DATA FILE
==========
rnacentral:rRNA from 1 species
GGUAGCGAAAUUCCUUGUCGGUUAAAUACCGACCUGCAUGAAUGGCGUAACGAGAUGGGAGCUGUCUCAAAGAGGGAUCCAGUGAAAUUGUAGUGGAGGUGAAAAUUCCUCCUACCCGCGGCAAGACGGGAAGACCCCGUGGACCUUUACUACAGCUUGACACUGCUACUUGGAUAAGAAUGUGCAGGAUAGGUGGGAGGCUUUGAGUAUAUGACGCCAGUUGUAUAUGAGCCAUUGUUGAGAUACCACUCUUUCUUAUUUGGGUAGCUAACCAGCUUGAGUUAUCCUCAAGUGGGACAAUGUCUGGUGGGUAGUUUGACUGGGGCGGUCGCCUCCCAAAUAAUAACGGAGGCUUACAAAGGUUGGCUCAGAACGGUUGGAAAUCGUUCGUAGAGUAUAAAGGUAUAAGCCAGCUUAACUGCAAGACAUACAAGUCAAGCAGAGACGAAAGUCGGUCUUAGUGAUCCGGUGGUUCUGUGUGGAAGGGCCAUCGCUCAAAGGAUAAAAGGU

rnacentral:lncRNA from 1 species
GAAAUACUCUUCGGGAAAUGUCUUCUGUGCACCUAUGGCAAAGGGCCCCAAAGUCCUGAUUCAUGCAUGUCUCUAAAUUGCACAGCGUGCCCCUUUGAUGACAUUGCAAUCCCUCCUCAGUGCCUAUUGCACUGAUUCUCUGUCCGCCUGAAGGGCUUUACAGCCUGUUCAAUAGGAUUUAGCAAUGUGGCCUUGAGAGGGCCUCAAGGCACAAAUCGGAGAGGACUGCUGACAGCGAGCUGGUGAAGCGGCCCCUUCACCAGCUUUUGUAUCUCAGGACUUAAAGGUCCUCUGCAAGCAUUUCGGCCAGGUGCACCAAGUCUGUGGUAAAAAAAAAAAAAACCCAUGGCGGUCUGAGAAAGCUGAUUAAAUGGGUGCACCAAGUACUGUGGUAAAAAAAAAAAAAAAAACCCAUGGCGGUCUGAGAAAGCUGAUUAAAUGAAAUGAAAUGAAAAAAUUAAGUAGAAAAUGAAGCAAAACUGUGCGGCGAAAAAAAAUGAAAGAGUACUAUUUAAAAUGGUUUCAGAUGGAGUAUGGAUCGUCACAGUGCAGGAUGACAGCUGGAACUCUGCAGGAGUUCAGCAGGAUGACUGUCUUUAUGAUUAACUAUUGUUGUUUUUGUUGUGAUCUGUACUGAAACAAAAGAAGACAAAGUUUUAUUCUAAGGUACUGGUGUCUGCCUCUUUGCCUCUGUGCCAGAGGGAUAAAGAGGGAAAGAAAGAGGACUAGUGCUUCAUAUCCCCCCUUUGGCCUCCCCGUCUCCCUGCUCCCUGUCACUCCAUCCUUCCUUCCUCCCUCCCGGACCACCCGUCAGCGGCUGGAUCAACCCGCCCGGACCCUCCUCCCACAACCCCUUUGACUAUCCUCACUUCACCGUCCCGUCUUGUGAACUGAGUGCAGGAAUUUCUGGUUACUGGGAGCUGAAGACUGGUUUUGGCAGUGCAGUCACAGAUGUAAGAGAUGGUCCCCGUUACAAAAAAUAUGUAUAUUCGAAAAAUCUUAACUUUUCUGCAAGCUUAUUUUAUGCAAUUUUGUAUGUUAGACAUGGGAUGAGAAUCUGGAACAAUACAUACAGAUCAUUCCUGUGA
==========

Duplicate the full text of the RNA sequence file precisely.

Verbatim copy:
rnacentral:rRNA from 1 species
GGUAGCGAAAUUCCUUGUCGGUUAAAUACCGACCUGCAUGAAUGGCGUAACGAGAUGGGAGCUGUCUCAAAGAGGGAUCCAGUGAAAUUGUAGUGGAGGUGAAAAUUCCUCCUACCCGCGGCAAGACGGGAAGACCCCGUGGACCUUUACUACAGCUUGACACUGCUACUUGGAUAAGAAUGUGCAGGAUAGGUGGGAGGCUUUGAGUAUAUGACGCCAGUUGUAUAUGAGCCAUUGUUGAGAUACCACUCUUUCUUAUUUGGGUAGCUAACCAGCUUGAGUUAUCCUCAAGUGGGACAAUGUCUGGUGGGUAGUUUGACUGGGGCGGUCGCCUCCCAAAUAAUAACGGAGGCUUACAAAGGUUGGCUCAGAACGGUUGGAAAUCGUUCGUAGAGUAUAAAGGUAUAAGCCAGCUUAACUGCAAGACAUACAAGUCAAGCAGAGACGAAAGUCGGUCUUAGUGAUCCGGUGGUUCUGUGUGGAAGGGCCAUCGCUCAAAGGAUAAAAGGU

rnacentral:lncRNA from 1 species
GAAAUACUCUUCGGGAAAUGUCUUCUGUGCACCUAUGGCAAAGGGCCCCAAAGUCCUGAUUCAUGCAUGUCUCUAAAUUGCACAGCGUGCCCCUUUGAUGACAUUGCAAUCCCUCCUCAGUGCCUAUUGCACUGAUUCUCUGUCCGCCUGAAGGGCUUUACAGCCUGUUCAAUAGGAUUUAGCAAUGUGGCCUUGAGAGGGCCUCAAGGCACAAAUCGGAGAGGACUGCUGACAGCGAGCUGGUGAAGCGGCCCCUUCACCAGCUUUUGUAUCUCAGGACUUAAAGGUCCUCUGCAAGCAUUUCGGCCAGGUGCACCAAGUCUGUGGUAAAAAAAAAAAAAACCCAUGGCGGUCUGAGAAAGCUGAUUAAAUGGGUGCACCAAGUACUGUGGUAAAAAAAAAAAAAAAAACCCAUGGCGGUCUGAGAAAGCUGAUUAAAUGAAAUGAAAUGAAAAAAUUAAGUAGAAAAUGAAGCAAAACUGUGCGGCGAAAAAAAAUGAAAGAGUACUAUUUAAAAUGGUUUCAGAUGGAGUAUGGAUCGUCACAGUGCAGGAUGACAGCUGGAACUCUGCAGGAGUUCAGCAGGAUGACUGUCUUUAUGAUUAACUAUUGUUGUUUUUGUUGUGAUCUGUACUGAAACAAAAGAAGACAAAGUUUUAUUCUAAGGUACUGGUGUCUGCCUCUUUGCCUCUGUGCCAGAGGGAUAAAGAGGGAAAGAAAGAGGACUAGUGCUUCAUAUCCCCCCUUUGGCCUCCCCGUCUCCCUGCUCCCUGUCACUCCAUCCUUCCUUCCUCCCUCCCGGACCACCCGUCAGCGGCUGGAUCAACCCGCCCGGACCCUCCUCCCACAACCCCUUUGACUAUCCUCACUUCACCGUCCCGUCUUGUGAACUGAGUGCAGGAAUUUCUGGUUACUGGGAGCUGAAGACUGGUUUUGGCAGUGCAGUCACAGAUGUAAGAGAUGGUCCCCGUUACAAAAAAUAUGUAUAUUCGAAAAAUCUUAACUUUUCUGCAAGCUUAUUUUAUGCAAUUUUGUAUGUUAGACAUGGGAUGAGAAUCUGGAACAAUACAUACAGAUCAUUCCUGUGA